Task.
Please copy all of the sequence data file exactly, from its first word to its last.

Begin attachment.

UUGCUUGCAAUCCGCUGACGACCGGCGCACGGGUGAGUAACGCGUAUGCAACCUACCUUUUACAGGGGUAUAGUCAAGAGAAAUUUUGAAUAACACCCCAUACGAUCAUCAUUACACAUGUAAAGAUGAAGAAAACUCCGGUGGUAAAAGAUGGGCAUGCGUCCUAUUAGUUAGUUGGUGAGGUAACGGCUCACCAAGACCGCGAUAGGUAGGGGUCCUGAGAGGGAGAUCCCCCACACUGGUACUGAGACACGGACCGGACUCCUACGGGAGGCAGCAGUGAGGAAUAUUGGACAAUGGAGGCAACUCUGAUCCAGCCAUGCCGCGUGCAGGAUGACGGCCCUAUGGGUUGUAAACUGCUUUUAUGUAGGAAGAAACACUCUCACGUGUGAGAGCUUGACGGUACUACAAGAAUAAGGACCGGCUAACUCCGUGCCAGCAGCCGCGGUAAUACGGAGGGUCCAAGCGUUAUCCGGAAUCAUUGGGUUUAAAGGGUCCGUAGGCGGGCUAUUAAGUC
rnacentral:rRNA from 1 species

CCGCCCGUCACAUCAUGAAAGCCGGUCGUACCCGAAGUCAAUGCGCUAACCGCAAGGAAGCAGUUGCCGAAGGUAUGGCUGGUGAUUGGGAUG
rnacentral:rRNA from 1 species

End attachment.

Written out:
UUGCUUGCAAUCCGCUGACGACCGGCGCACGGGUGAGUAACGCGUAUGCAACCUACCUUUUACAGGGGUAUAGUCAAGAGAAAUUUUGAAUAACACCCCAUACGAUCAUCAUUACACAUGUAAAGAUGAAGAAAACUCCGGUGGUAAAAGAUGGGCAUGCGUCCUAUUAGUUAGUUGGUGAGGUAACGGCUCACCAAGACCGCGAUAGGUAGGGGUCCUGAGAGGGAGAUCCCCCACACUGGUACUGAGACACGGACCGGACUCCUACGGGAGGCAGCAGUGAGGAAUAUUGGACAAUGGAGGCAACUCUGAUCCAGCCAUGCCGCGUGCAGGAUGACGGCCCUAUGGGUUGUAAACUGCUUUUAUGUAGGAAGAAACACUCUCACGUGUGAGAGCUUGACGGUACUACAAGAAUAAGGACCGGCUAACUCCGUGCCAGCAGCCGCGGUAAUACGGAGGGUCCAAGCGUUAUCCGGAAUCAUUGGGUUUAAAGGGUCCGUAGGCGGGCUAUUAAGUC
rnacentral:rRNA from 1 species

CCGCCCGUCACAUCAUGAAAGCCGGUCGUACCCGAAGUCAAUGCGCUAACCGCAAGGAAGCAGUUGCCGAAGGUAUGGCUGGUGAUUGGGAUG
rnacentral:rRNA from 1 species